Before GPS systems were installed in most coach hire Manchester units, most drivers had to experience different challenges on the road. During ancient times, navigation over a mass of land or a body of water oftentimes requires looking up at the sky for the position of the sun and the stars. Later on, maps are used to determine the location of a certain place. Fast forward to the 20th century and today, and the way we travel has since changed, thanks to a technology that still relies on something high above the sky. Neither the sun nor the stars are used, though; it instead uses a system of satellites that are in orbit and are working together to provide all the necessary information of a certain location anywhere on Earth. This is called the global positioning system, also known for its acronym: GPS.
It was in 1973 when the GPS was first developed by the United States Department of Defense (DoD). Obviously, this was designed for the operation of the said nation’s military. The brains behind the creation of this technology, Bradford Parkinson, Roger L. Easton, and Ivan A. Getting, saw how the previous navigation systems were filled with certain flaws and limitations. What they devised was the Defense Navigation Satellite System or DNSS; an amalgamation of several ideas retrieved from several navigation systems that preceded it as well as concepts from engineering design studies published in the decade prior.
GPS, as we know of today, began when then-President Ronald Reagan allowed for the GPS to be made available for commercial and civilian use. From the period of 1989 to 1994, twenty-four (24) satellites were launched to space. Although the navigation system was allowed for civilian use, the signal was only available for only a selected few, with the military getting the vast quality signal and usage. By 2000, in accordance with the directive issued by then-President Bill Clinton in 1996, the “Selective Availability” in the GPS, was turned off. From there, GPS for civilian use was improved. It is also from that point that the system began its modernization.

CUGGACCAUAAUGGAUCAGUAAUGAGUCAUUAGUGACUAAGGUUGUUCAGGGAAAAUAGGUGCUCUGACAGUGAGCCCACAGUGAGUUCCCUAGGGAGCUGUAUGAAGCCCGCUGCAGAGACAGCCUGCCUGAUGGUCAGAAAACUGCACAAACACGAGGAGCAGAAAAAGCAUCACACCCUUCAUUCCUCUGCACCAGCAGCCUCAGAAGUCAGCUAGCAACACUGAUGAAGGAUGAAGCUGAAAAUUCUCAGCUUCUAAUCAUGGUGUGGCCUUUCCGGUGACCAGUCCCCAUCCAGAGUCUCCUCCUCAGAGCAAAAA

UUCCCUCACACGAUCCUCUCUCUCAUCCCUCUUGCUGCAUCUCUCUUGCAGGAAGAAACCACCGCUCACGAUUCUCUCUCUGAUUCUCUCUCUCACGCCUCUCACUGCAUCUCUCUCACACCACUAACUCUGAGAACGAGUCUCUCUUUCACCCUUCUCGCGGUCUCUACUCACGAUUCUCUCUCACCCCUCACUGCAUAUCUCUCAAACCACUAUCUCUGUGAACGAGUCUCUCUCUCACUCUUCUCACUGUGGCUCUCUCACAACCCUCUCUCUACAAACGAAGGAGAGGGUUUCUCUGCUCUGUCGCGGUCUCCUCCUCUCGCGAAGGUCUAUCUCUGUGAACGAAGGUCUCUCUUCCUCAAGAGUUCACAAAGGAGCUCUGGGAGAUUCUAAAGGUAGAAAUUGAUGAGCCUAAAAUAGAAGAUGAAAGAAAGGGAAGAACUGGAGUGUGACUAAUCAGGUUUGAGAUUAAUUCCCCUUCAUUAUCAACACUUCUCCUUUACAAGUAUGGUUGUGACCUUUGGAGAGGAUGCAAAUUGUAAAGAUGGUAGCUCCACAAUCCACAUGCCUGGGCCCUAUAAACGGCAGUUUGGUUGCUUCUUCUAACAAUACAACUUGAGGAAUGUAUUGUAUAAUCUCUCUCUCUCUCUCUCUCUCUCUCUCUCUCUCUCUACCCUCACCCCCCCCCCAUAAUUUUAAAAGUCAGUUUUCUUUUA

Much has changed since GPS was made available for everyone—yes, even owners and drivers of coach hire Manchester. Because of its availability and ease of use, it is right up there with the Internet as the top integral technologies that have shaped (and continuously shapes) every aspect of modern living. Indeed, GPS is essential for telecommunications (e.g. wireless services), finance, banking, commerce, logistics, construction, and farming. GPS is also used to forecast the weather, locate the epicenter of earthquakes, and hasten the delivery of personnel and donations during disastrous or catastrophic events. Whether the system is used for syncing time or navigating or locating a certain place on earth, GPS is something that people can’t live without.
And when it comes to navigation, there is no other aspect that has greatly benefited from the use of GPS than road travel. With GPS car tracker, traffic accidents are prevented by decongesting the roads. With the efficiency of the navigation system, the problem of dispatching vehicles for commercial use is reduced. Fleet vehicles such as motorcycle, taxis, and trucks have relied on the navigation system to monitor the distance traveled and speed of every vehicle, providing business owners logs for efficiency. Mass transit systems such as trains and buses have also been using GPS to make use of time management. More importantly, the GPS car tracker units installed in today’s vehicles provides vehicle users directions, relying on the satellites to map out the route to a certain destination.
Such is GPS and its encompassing uses. Navigation truly has changed a lot with the development and further application of the said system, with people and businesses fully relying on it.